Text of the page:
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      Hypermethylation of multiple genes in tumor tissues and voided urine in urinary bladder cancer patients.

      Clinical cancer research : an official journal of the American Association for Cancer Research

      Adult, Aged, Aged, 80 and over, Apoptosis Regulatory Proteins, Cadherins, genetics, metabolism, urine, Calcium-Calmodulin-Dependent Protein Kinases, Carcinoma, Transitional Cell, Cyclin-Dependent Kinase Inhibitor p16, DNA Methylation, Death-Associated Protein Kinases, Female, Humans, Male, Middle Aged, Receptors, Retinoic Acid, Sensitivity and Specificity, Urinary Bladder Neoplasms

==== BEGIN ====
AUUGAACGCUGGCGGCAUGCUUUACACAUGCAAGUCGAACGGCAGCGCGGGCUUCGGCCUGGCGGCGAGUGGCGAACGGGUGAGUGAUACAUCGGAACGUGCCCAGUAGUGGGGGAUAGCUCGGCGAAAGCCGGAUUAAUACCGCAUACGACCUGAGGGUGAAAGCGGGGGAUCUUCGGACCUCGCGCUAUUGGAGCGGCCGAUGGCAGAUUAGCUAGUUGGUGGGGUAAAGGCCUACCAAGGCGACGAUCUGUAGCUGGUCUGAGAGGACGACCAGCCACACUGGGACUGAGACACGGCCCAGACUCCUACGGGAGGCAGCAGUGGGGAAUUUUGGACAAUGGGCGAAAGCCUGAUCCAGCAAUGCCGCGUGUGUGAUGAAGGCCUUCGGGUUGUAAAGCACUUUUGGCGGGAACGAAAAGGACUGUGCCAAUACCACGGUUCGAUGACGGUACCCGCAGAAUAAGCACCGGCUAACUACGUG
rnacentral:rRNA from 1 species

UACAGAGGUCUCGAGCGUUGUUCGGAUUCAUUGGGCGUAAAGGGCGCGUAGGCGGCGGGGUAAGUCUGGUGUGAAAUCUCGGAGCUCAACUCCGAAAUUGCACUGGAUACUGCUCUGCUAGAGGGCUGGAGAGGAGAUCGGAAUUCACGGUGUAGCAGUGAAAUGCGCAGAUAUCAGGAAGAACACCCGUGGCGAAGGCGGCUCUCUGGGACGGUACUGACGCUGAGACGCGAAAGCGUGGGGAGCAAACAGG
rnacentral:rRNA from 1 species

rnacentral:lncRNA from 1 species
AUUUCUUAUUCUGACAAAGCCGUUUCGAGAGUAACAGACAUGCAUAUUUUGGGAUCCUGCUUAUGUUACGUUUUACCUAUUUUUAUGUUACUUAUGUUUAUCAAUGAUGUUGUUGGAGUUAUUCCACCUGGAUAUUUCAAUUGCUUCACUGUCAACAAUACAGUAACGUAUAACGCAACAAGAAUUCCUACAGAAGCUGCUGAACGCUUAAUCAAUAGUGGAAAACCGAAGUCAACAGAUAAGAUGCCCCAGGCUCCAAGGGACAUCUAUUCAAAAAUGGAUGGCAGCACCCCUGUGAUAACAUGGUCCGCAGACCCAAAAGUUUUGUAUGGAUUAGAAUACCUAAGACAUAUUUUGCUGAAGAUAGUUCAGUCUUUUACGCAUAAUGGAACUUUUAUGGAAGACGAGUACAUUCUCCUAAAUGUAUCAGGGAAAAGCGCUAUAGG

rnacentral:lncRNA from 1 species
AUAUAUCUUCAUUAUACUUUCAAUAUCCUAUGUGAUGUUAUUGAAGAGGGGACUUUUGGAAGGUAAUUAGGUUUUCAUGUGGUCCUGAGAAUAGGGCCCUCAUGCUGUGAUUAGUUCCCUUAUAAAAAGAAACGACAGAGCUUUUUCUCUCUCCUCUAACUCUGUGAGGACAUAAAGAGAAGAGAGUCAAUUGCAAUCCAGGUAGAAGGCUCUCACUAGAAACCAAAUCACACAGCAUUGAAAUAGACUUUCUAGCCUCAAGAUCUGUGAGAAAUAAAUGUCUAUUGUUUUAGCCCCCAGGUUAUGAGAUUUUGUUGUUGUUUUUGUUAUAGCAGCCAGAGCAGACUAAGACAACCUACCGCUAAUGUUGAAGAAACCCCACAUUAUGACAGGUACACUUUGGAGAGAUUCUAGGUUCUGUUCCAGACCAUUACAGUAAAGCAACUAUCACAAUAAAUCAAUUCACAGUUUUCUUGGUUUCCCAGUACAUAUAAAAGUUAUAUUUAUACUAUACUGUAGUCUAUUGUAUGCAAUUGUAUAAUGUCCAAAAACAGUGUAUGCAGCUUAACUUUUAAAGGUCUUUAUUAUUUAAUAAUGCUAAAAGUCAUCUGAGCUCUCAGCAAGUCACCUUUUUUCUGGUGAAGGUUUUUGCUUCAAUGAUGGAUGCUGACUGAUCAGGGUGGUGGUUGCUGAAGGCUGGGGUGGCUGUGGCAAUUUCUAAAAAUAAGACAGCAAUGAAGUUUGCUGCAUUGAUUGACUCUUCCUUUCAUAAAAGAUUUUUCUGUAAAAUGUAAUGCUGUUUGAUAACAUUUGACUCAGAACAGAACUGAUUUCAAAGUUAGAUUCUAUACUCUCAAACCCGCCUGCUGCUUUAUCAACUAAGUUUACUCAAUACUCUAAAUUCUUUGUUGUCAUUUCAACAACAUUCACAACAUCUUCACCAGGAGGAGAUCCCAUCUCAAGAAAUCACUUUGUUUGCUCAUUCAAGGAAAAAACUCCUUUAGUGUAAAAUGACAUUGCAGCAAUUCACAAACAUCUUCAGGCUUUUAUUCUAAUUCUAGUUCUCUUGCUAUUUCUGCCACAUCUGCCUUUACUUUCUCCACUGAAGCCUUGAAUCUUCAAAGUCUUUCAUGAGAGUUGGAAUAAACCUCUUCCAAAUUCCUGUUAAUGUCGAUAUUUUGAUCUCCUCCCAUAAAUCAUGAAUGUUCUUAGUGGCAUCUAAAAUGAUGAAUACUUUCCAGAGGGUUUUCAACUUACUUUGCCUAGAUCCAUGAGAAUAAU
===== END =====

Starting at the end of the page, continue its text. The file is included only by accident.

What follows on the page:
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          We aimed to investigate the methylation pattern in bladder cancer and assess the diagnostic potential of such epigenetic changes in urine. The methylation status of 7 genes (RARbeta, DAPK, E-cadherin, p16, p15, GSTP1, and MGMT) in 98 cases of bladder transitional cell carcinoma and 4 cases of carcinoma in situ was analyzed by methylation-specific PCR. Twenty-two cases had paired voided urine samples for analysis. In transitional cell carcinoma tumor tissues, aberrant methylation was frequently detected in RARbeta (87.8%), DAPK (58.2%), E-cadherin (63.3%), and p16 (26.5%), whereas methylation of p15 (13.3%), GSTP1 (5.1%), and MGMT (5.1%) is not common. No association between methylation status and grading or muscle invasiveness was demonstrated. In 22 paired voided urine samples of bladder cancer, methylation of DAPK, RARbeta, E-cadherin, and p16 could be detected in 45.5%, 68.2%, 59.1%, and 13.6% of the cases, respectively. The sensitivity of methylation analysis (90.9%) was higher than that of urine cytology (45.5%) for cancer detection. Methylation of RARbeta(50%), DAPK (75%), and E-cadherin (50%) was also detected in carcinoma in situ. In 7 normal urothelium samples and 17 normal urine controls, no aberrant methylation was detected except for RARbeta methylation in 3 normal urothelium samples (42.9%) and 4 normal urine samples (23.5%), respectively. Our results demonstrated a distinct methylation pattern in bladder cancer with frequent methylation of RARbeta, DAPK, E-cadherin, and p16. Detection of gene methylation in routine voided urine using selected markers appeared to be more sensitive than conventional urine cytology.

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